Phone: 520-621-BUGS (2847)
Office: Marley rooms 719/723
Mail: University of Arizona
Marley room 723
1145 E 4 St
Tucson, AZ 85721
I am interested in the processes and patterns involved in diversification that can ultimately influence functionality at the molecular level. I take an integrative approach in studying adaptation by combining bioinformatics, phylogenetic inference, protein-specific divergence, and selection studies.
My previous research programs have contributed to three areas of evolutionary biology: molecular evolution of gene families, systematics, and the study of adaptations at both macro (morphology) and micro (amino acid) levels. At the University of California, Berkeley, where I conducted my dissertation research in the laboratory of Dr. Chelsea Specht, I studied the molecular evolution of digestive enzymes utilized in plant carnivory. In addition to this work, I explored the phylogenetic relationships and morphological adaptations among carnivorous plant genera of the Caryophyllales.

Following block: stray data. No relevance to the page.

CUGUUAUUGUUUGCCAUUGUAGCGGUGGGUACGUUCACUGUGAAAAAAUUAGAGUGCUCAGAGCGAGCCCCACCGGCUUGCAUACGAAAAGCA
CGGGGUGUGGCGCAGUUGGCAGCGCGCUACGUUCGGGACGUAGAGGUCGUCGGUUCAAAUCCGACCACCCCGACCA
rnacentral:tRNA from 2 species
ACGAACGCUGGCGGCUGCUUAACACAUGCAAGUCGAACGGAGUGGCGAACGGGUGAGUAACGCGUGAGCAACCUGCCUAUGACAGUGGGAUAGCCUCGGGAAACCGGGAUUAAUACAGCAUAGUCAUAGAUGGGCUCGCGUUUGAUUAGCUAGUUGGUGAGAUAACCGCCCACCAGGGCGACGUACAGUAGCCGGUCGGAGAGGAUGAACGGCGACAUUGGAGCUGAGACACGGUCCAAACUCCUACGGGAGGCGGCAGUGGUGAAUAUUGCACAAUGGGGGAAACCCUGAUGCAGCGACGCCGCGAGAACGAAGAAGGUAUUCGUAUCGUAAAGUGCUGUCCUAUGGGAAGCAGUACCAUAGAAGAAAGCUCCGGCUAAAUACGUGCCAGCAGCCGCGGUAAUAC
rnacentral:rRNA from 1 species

My current work focuses on the molecular evolution of chemoreception and host ant specialization in paussine beetles. Members of the subfamily Paussinae are both ecologically and evolutionarily interesting because of their myrmecophilous relationships, sometimes fully integrating into the social lives of ants. We will explore the genetic mechanisms behind host ant recognition using next-generation sequencing and will work to reconstruct the evolutionary history of chemosensory genes, while also examining functional divergence.